Over his decorated career as a historian, DN Jha has devoted himself to examining flawed views of India’s ancient and medieval past—many of them produced by colonial thinkers—that sustain the Hindu nationalist project. One of his most notable books, The Myth of the Holy Cow, documents the widespread prevalence of beef-eating in ancient India. Another, Rethinking Hindu Identity, argues that the notion of Hinduism as a religion is a colonial construct.
Jha’s new book, Against the Grain: Notes on Identity, Intolerance and History, is a collection of essays that, as he writes, “are addressed to the people vulnerable to the balderdash peddled by the Hindu Right.” In this essay, excerpted from the volume, he applies his characteristic combination of polemic and rigour to a greatly disregarded part of Indian history, and points to evidence that shatters the Hindutva notion of a pre-Islamic idyll on the subcontinent.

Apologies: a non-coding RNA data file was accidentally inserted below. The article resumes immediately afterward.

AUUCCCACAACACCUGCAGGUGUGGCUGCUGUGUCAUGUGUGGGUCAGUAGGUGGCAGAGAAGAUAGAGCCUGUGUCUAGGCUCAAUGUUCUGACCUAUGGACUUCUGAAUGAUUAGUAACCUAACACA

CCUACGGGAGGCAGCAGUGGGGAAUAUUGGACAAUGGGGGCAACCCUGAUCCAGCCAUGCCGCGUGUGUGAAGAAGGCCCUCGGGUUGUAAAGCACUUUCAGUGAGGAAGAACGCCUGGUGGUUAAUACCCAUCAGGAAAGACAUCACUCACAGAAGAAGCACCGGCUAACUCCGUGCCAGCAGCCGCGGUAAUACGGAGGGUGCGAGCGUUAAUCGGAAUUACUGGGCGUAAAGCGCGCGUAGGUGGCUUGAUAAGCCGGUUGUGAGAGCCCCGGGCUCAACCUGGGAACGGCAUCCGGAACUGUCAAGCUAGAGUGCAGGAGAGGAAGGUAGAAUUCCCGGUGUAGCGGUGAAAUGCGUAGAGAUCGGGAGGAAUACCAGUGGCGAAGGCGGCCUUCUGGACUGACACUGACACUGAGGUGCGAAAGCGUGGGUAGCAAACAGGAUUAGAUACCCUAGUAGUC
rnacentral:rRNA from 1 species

HINDUTVA IDEOLOGUES look at the ancient period of Indian history as a golden age marked by social harmony, devoid of any religious violence, and portray the middle ages as a phase of a reign of terror unleashed by Muslim rulers on Hindus. Central to their perception is the belief that Muslim rulers indiscriminately demolished Hindu temples and broke Hindu idols. They relentlessly propagate the canard that 60,000 Hindu temples were demolished during Muslim rule, though there is hardly any credible evidence for the destruction of more than 80 of them. On the other hand, even a cursory survey of historical evidence shows that the demolition and desecration of rival religious establishments, and the appropriation of their idols, was not uncommon in India before the advent of Islam.
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